The Bank of England’s response to Out

Posted on July 27, 2016

Contagion Thesis Derided by Fraternity Proven by Kristin Forbes...Kristin Forbes, professor of management and global economics at the MIT Sloan School of Management, poses for a portrait at her home in Boston, Massachusetts, U.S., on Tuesday, Jan. 22, 2013. When Forbes sought tenure at the Massachusetts Institute of Technology early last decade, some colleagues said her research focus on financial contagion led to a dead end. Her reaction: Full speed ahead. Photographer: Kelvin Ma/Bloomberg©Bloomberg

Kristin Forbes of the Monetary Policy Committee suggests the bank should keep calm and carry on

Is Britain’s economy sliding into recession? The short answer is that no one knows. Uncertainty, however, is no excuse for ducking important decisions and the Bank of England must decide what to do about Brexit next week.

The starting point is a UK economy growing faster than expected in the second quarter, at 0.6 per cent. With global growth rates also improved and financial markets shrugging off the initial shock of Brexit, fears of a catastrophic global crisis can be banished. A stronger global economy will naturally help but also means Britain cannot credibly threaten to bring down the EU if European politicians reject the UK government’s Brexit wish list.

    Hard facts regarding the post-referendum UK economy are scarce. Retail appears only a little subdued, tax revenues remain weak and the picture for property sales looks bleaker in central London than the rest of the country. More abundant surveys of households and companies have been dire, whether they have sought to measure attitudes to Brexit or early indications of output, orders and exports. The surveys point to a recession but they are sometimes a false friend to economists.

    Against this backdrop the BoE’s Monetary Policy Committee has to decide whether to seek an economic stimulus to keep inflation as close as possible to the 2 per cent medium-term target and output as close as possible to sustainable levels. One response, suggested by the MPC’s Kristin Forbes, is to follow the British edict from the second world war to “keep calm and carry on”. But the evidence of a significant confidence shock, which threatens to lower corporate investment and raise household saving rates, argues more persuasively for a monetary stimulus to limit any preventable economic damage.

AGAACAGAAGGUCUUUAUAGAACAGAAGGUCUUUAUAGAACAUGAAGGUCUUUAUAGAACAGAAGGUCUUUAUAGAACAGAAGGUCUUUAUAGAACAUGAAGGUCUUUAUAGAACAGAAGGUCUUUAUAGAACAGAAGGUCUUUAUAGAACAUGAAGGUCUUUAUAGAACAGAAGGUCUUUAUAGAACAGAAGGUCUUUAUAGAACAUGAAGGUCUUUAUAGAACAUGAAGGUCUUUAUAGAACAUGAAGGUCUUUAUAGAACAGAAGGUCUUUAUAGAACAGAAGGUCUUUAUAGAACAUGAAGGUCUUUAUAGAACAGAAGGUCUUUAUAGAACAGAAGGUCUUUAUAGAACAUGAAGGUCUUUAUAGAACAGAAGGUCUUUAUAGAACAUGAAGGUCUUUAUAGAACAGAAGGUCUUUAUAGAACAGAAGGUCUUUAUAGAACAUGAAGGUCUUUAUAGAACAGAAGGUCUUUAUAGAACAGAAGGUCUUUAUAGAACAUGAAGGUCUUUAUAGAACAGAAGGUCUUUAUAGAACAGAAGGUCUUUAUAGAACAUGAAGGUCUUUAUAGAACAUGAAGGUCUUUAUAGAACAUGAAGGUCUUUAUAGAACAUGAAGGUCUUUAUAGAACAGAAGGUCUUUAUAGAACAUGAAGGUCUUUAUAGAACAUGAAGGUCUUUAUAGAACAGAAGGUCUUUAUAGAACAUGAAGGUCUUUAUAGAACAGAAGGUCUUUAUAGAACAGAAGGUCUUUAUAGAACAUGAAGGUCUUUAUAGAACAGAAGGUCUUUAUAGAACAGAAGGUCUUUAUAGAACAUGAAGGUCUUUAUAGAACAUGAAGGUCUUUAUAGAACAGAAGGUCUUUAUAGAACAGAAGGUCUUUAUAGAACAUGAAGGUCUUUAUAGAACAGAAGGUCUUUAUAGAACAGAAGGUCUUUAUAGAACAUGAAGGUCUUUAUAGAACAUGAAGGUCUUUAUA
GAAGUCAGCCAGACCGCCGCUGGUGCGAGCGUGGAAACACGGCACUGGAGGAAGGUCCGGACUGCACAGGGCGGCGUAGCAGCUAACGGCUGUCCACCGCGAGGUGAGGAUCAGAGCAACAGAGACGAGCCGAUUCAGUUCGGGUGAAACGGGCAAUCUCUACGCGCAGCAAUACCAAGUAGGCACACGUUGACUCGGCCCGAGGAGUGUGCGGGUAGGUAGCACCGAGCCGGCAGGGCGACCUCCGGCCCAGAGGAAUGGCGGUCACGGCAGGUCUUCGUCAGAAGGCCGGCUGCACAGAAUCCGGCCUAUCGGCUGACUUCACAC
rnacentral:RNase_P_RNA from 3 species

The risks of too much stimulus generating too rapid growth and inflation are minor relative to those of standing by as the economy slides. With the risks involved, it is better to act decisively or, as Andy Haldane, BoE chief economist, puts it, “to run the risk of using a sledgehammer to crack a nut”.

    With the BoE reluctant to set a negative interest rate, it cannot cut its policy rate more than 0.5 percentage points; the right action involves a package comprising a rate cut, restarting quantitative easing and expanding the Funding for Lending Scheme.

    Clear communication of the economic situation and policy intentions should help prevent an impression of panic at the central bank, even though everyone knows there are many legitimate questions about the effectiveness of these monetary tools. In any case, monetary policy works on output and inflation with a delay, so action on August 4, when the MPC next meets, will struggle to prevent a downturn which was already on the cards. Companies take time to reverse mothballed investments.

    Smart Money

    UK stocks aren’t cheap enough given Brexit unknowns

    A news broadcast on a TV is pictured in front of the German share price index DAX board, at the stock exchange in Frankfurt, Germany, June 24, 2016, after Britain voted to leave the European Union in the EU BREXIT referendum. REUTERS/Ralph Orlowski

    Wide range of outcomes suggests political uncertainty will play a dominant role

    The other imperative for action cannot be spoken by the bank’s officials. The BoE must be seen to act decisively to cover its back. The institution needs a defence against possible accusations from Brexiters that it was seeking the downturn it had predicted before the referendum. Such a course from the MPC is likely to bridge the policy gap between now and November when the government will decide whether there is a need for additional fiscal stimulus.

    No one should be under any illusions that monetary or fiscal stimulus solves Britain’s Brexit challenge. All the most serious threats to prosperity come in the longer term through redundant investment linked to Britain’s membership of the EU, lost skills from more restrictive migration policies, weaker competition and a more inward looking and backward attitude. Necessary as they are, monetary or fiscal policies cannot boost the UK economy’s supply capacity.

    Brexit is likely to hurt and the BoE can offer only an anaesthetic for the pain.

    chris.giles@ft.com

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